But what's even more ridiculously exciting is that I am teaming up with my very oldest friend Jen from My Measuring Tape to do this series! She is a TAILOR. We went to school together, studied under the same homec curriculum, sewed all through our teenage/adult years, and swore to be each other's maids of honor at our weddings. Someday, when our kids are old enough to be left behind, we are going to fly off to Japan/the world and fabric-shop by ourselves, like the repressed maniacs that we are. She runs a sewing business, in which she tailors clothes for people (not to mention herself, the husband, the daughter.......) And when I say clothes, here's what I mean:

I cannot count the number of times I've gone to her for advice - sewing and other kinds. Or the late-night emails (late night for me, early morning for her) we've exchanged about life, daughters and drafting issues -how to draft for unusually-shaped bodies, how to shape darts, where and when to add ease. There is no other sewing peer in my generation that I hold in higher esteem than her. I am relieved, proud, excited (said that already) to have her do this series with me. You are in good hands with her!So here's the plan: This will not be one of those beautifully-photographed fortnights of inspirational features of things you can whip up with fabric from your stash. Hey, it might not even involve fabric! It could be a little technical for those of you less familiar with drafting slopers and patterns. But so many people have written to ask me about this topic that I thought I might finally do it! We're going to spread it out over about two months to give everyone time to digest everything (and us time to take the hundreds of photos). Here's what we're thinking of:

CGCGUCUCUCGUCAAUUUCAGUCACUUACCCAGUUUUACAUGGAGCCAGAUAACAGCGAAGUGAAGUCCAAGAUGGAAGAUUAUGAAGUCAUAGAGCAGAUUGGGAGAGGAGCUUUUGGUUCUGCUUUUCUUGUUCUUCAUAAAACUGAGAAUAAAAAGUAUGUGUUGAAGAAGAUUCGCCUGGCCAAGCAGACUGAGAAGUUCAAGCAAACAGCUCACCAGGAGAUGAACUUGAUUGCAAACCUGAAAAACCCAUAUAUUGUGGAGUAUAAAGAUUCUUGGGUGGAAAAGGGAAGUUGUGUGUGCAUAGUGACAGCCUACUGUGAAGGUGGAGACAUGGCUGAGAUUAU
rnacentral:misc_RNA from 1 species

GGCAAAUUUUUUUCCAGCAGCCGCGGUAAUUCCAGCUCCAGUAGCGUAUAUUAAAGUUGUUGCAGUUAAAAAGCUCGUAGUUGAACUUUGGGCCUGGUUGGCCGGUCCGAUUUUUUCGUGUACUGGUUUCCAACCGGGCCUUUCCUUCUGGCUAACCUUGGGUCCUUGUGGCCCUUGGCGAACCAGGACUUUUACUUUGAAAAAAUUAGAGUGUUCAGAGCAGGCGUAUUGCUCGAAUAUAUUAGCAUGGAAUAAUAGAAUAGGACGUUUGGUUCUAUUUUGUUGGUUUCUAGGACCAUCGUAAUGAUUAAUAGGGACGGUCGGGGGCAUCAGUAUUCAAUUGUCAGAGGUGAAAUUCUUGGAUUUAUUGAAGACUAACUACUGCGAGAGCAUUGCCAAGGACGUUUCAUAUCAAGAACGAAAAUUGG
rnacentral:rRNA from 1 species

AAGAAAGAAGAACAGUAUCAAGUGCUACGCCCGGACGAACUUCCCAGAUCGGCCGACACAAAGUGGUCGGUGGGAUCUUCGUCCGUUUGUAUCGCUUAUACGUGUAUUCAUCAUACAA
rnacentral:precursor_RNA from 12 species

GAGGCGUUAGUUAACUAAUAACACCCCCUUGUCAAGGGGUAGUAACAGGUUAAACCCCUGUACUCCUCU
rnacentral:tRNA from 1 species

• An overview of drafting (as we learnt it and now do it)
  • How to draft an full-body sloper for a child, including the sleeve block
  • How to use the sloper with commercial patterns to (ideally) make those patterns fit your child better
  • How to use the sloper to make your own patterns
  • How to draft different kinds of sleeves
  • How to draft different kinds of necklines
and a little fun feature at the end on 25 (and counting!) different pockets, including patch, welt, zippered welt, inseam and inset/cut-in pockets.

Ah, I hear you asking already: Why not slopers for adults? Let's just say that we'll try kids' slopers first, and see how all that goes down for everyone, before diving into darts and pleats and tucks and princess seams.

So if you've ever wanted to try making your own patterns, or have heard about slopers, follow along with us! We don't promise to take the place of a proper dressmakers' class - we're just sharing what we do, and we hope you enjoy it. Are you as ridiculously excited as we are? Grab our button for your blog, spread the word and come visit us this summer!

Wednesday, July 14, 2010

Gearing Up

Here are some of my incomplete /nowhere-even-near-started projects (the ones I can actually tell you about, I mean):
  • One yellow tunic
  • 25++ pockets
  • One Toadstool/Fairy Pattern
  • One denim skirt
  • One formal dress for self for important party
  • One blouse for very important family member
  • About one thousand cardboard projects
  • One knit dress for self for no reason
  • Several knit dresses for girls
and there I went, shopping for fancy trims and Tshirt knits
for Renaissance Festival costumes. I love sewing costumes - so over-the-top.

What pattern? Simplicity? Ottobre? Burda? McCalls?

Nay, fair damsels: Old ladybird children's books:

Let's see how they turn out! Off to the market now with the kids - the sun just came out. Sewing can wait.